By Phoebe Farag Mikhail

I recently started reading a book to help me figure out some issues I’ve been dealing with concerning one of my children. I felt frustrated; the issues were sucking away time that I needed to be doing other things, causing me to spend later nights to get those things done instead of sleeping.

In order to help parents deal with their frustration with their problems, the author of the book reminded parents that “this is the hand you were dealt.” In other words, it’s not worth stewing over why you have to deal with these problems. It’s life, it’s your child, work with it.

To a certain degree this helped. The more I thought about it, however, the more I realized something. My child and the problems we are dealing with are not “the hand we were dealt.”

My child is a gift to me from God. A gift I am thankful for.

This reorientation did marvels for my frustration level. After all, if this child is a gift from God, then these problems we are facing are also a gift from God. Perhaps I need to learn something from all this (like patience). Perhaps when we come to solutions we’ll also come to a greater understanding and love for one another. Perhaps I’ll never know why I had to deal with this situation, but that’s ok.

It’s ok because it’s my child, and my child is a gift from God.

A friend recently shared the same sentiment with me. She had been sharing with me some struggles she was having with her own children, until she finally said, “but I prayed for them.” After almost a decade being married and battling infertility, she prayed for those children and God answered her.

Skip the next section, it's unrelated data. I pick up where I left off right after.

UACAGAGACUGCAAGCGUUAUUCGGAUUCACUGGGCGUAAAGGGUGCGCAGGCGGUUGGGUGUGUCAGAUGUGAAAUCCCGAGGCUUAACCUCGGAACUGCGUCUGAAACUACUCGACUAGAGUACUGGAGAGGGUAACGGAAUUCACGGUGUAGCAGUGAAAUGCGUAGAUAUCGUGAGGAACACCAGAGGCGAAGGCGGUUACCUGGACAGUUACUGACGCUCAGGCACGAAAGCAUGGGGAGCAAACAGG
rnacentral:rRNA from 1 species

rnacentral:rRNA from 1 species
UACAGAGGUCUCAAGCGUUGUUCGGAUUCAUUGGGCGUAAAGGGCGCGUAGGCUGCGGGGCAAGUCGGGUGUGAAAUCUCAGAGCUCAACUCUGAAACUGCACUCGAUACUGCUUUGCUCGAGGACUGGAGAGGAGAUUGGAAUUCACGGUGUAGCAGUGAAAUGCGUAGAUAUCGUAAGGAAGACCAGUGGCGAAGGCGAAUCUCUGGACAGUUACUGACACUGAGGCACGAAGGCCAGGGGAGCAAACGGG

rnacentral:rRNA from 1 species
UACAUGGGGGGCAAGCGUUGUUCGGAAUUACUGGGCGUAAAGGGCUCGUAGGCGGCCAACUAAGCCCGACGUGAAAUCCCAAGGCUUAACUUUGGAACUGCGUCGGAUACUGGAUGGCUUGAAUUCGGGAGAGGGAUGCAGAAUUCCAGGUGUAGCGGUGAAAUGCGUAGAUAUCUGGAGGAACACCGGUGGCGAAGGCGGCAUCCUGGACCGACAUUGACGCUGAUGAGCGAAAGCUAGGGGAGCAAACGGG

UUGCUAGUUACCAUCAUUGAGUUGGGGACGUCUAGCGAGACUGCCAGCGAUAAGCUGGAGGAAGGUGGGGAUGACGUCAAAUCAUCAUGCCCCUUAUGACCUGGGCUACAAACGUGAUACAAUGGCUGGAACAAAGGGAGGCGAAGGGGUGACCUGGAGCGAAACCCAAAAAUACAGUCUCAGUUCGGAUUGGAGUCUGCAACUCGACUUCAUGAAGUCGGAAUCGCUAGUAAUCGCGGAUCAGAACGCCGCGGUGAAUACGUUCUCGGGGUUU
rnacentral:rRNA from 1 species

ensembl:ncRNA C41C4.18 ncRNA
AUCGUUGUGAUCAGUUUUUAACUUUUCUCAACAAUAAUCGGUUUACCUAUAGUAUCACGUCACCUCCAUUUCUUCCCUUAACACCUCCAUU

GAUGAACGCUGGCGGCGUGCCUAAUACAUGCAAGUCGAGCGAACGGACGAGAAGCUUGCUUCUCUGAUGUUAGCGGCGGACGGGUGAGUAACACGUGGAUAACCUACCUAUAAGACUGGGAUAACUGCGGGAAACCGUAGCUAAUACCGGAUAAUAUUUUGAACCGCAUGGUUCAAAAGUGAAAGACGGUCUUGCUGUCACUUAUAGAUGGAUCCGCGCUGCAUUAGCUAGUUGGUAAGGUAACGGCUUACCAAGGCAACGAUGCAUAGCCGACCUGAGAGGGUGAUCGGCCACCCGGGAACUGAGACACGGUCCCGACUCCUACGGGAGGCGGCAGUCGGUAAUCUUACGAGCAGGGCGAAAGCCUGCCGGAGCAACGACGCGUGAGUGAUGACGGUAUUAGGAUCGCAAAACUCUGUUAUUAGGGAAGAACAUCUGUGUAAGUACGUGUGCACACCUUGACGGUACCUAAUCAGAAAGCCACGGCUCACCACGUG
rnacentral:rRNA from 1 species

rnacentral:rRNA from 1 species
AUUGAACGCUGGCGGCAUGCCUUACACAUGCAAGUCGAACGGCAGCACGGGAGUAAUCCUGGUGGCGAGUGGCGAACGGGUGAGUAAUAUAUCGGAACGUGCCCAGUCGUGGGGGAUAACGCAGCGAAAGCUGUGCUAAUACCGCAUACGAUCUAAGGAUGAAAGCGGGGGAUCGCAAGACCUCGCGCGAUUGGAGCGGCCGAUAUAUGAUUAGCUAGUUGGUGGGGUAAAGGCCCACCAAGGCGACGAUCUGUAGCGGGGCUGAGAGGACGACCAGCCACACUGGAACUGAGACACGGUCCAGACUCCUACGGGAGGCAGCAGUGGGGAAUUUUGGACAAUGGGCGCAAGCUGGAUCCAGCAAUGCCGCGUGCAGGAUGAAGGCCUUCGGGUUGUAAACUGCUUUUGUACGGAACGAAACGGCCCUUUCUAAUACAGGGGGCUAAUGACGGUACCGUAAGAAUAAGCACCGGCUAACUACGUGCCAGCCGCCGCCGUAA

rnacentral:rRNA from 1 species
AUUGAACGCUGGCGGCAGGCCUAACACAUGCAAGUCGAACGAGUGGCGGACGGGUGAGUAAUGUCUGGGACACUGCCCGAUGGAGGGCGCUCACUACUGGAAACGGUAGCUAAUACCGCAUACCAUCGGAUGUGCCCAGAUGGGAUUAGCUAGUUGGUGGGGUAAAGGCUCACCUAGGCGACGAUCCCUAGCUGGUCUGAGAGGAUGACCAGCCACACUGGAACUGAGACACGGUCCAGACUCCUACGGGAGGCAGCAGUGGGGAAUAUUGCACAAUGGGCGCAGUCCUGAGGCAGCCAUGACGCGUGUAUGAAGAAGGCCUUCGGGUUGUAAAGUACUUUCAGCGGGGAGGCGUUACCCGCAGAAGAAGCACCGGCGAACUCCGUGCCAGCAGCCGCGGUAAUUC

It’s a beautiful struggle when the struggle is an answered prayer.

Unexpected or unplanned children are just as much a gift from God. In her book Love Warrior, Glennon Doyle Melton recounts that sense she felt when she discovered she was pregnant. Hung over on a cold bathroom floor and recognizing this gift from God, she decided to confront all her addictions so she could accept His gift.

This doesn’t make it easier to deal with our problems. I still get frustrated. I still worry, and I still have many unanswered questions. I’ve never met a parent, however, who has it easy. Every family has its own mixture of genetic and environmental factors that came together to create their circumstances. Remembering that my child is a gift from God reminds me that these factors did not come together by accident. Some are my own doing, some are inherited, but in everything, when I give thanks, the frustration wears away and if solutions don’t come, at least peace does.


Even royal babies frustrate their moms.

Peace comes, and so does love.

One evening, after a particularly difficult day, I was starting bedtime with my children, and one of them asked me, “Momma, why did you have babies if you knew we would be so troublesome?” After chuckling at my child’s insight, I could only reply, “I had you because you are God’s gift to me. I wanted to have babies so I could love you.” Satisfied, they fell asleep, while I stayed awake mulling over it all.

My child is not a problem, an issue, a “hand I was dealt.” My child is a beautiful gift from God, a bit of creation He has given to my care despite my own shortcomings. I am thankful for my children, even when it is hard, even when it’s a struggle sometimes, even when I go to bed in tears. I may need to grit my teeth sometimes when I say it, but I say it, and the frustration fades away.

Thank you, God, for these most precious gifts.


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(c) Phoebe Farag 2016